At the time of writing this article, March 2019, the PCC was tracking 70 bills at the state level. Not all these bills are considered a direct concern to private certifications. For example, at least half of the bills being monitored are related to criminal reentry. This type of bill is designed to prevent a criminal history from being the sole reason one is unable to obtain an occupational license. Licensing is different from certification. The PCC is mostly concerned with clarifying that these bills aren’t a means to changing private certification (PCC personal communication, March 3, 2019).
Another set of bills being introduced that could have an impact on private certification are ones that the PCC considers “government vs. private certification legislation.” If signed into law, these types of bills allow for the possibility that individual state governments will create their own certification programs and supplanting private organizations that offer certifications. The PCC is concerned with these types of bills and recommends that the bills be amended with language indicating that the state government would create a certification only when there is not a suitable private certification available. The goal is to prevent the government from being a competitor to private certifications.
Much of the remaining types of legislation are geared toward occupational licensing. The PCC wants to ensure that these bills are not interpreted to also include certifications. As such, the PCC would like the bill authors to include language that keeps certification programs safe.
There are a number of activities the PCC engages in to keep coalition members informed and certification programs safe:
- Holding a monthly conference call to summarize problematic bills and efforts to minimize the negative effects of problematic bills;
- Authoring a white paper discussing the affects of legislation on certification programs;
- Communicating PCC’s concerns with key decision makers such as bill authors, legislative committee leaders, and stakeholder groups trying to reform occupational licensing;
- Drafting model language to be included in bills to protect certification programs;
- Involving coalition members when available to talk with state legislators; and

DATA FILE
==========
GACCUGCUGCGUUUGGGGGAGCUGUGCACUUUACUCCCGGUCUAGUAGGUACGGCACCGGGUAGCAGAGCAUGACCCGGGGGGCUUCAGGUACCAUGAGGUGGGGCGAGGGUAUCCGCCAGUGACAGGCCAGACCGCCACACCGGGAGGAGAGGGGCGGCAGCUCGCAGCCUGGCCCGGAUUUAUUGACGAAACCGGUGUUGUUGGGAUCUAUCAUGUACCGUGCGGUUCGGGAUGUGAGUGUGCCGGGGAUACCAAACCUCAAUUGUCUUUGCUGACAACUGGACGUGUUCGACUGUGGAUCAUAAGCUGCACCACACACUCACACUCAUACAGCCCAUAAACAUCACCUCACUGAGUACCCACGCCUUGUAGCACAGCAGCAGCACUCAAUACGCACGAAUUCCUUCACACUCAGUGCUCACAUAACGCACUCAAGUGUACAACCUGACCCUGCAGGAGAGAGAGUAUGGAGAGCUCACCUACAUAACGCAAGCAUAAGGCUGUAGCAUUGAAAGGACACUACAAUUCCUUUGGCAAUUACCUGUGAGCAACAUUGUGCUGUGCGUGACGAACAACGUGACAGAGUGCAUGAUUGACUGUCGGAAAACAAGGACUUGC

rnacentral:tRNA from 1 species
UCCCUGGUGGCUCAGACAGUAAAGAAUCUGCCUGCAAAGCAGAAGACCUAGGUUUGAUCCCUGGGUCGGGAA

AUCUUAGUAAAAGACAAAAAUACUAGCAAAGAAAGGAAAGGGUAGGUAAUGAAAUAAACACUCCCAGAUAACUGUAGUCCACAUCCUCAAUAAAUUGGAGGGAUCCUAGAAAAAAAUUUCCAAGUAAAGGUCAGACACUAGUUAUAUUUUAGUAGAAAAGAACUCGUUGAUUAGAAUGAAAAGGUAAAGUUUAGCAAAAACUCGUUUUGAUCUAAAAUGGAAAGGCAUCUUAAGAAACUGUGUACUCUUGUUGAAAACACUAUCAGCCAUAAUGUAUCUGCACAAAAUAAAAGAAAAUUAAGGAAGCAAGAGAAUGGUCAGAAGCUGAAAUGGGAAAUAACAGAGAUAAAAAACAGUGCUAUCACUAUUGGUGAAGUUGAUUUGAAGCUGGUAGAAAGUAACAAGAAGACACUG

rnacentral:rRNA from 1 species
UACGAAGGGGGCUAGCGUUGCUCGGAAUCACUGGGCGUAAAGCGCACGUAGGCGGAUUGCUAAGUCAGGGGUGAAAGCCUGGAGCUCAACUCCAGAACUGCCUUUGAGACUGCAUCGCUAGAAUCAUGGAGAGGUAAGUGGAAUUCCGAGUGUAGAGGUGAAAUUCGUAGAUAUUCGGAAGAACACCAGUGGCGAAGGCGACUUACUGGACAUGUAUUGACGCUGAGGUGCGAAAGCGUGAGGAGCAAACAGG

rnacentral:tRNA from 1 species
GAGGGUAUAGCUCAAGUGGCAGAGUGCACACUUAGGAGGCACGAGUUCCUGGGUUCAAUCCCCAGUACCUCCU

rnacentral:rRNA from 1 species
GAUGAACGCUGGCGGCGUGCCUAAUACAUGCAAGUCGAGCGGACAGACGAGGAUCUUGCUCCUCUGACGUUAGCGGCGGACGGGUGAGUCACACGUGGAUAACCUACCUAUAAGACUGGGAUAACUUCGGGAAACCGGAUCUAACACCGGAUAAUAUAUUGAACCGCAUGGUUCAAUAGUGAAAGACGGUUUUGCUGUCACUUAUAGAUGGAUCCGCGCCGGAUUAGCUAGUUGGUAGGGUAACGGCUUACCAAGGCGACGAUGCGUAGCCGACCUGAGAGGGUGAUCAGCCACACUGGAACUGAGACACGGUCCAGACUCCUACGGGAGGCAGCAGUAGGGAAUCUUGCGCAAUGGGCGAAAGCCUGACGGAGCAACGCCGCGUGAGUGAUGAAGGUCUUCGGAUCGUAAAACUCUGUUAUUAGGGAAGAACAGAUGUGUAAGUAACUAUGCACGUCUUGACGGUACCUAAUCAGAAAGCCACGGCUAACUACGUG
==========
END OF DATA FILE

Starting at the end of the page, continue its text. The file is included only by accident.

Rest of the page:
- Involving lobbyists as necessary to lobby on behalf of PCC and the protection of certification programs
These efforts are paying off. While the list of bills continues to grow, much progress has been made with stakeholders and legislators. For example:
- The importance of certification in the marketplace has been clarified for many legislators and stakeholder groups (Roosendaal, 2019).
- Some recent bills have been introduced with language protecting certification programs (PCC personal communication, March 6, 2019).
- Key stakeholders are recommending that legislators be careful when writing bills to not negatively affect the certification aspect of legislation (PCC personal communication, January 23, 2019).
NCFR will continue to be a member of the PCC and monitor bills that may negatively affect the CFLE credential. If and when there is a direct problem, we may call upon members to contact their legislators as we did with the bill in Louisiana.
American Society of American Executives. (2018a). ASAE, ICE form professional certification coalition. Retrieved from www.thepowerofa.org/2018/07/asae-ice-form-professional-certification-coalition/
American Society of American Executives. (2018b). MO credentialing bill signed by governor. Retrieved from www.thepowerofa.org/2018/06/mo-credentialing-bill-signed-by-governor/
Roosendaal, D. (2019). Update on legislative landscape in credentialing. Credentialing Insights: The Online Journal for ICE. Retrieved from www.credentialinginsights.org/blog/update-on-the-legislative-landscape-in-credentialing
Professional Certification Coalition. (2019). About PCC. Retrieved from www.profcertcoalition.org/about-pcc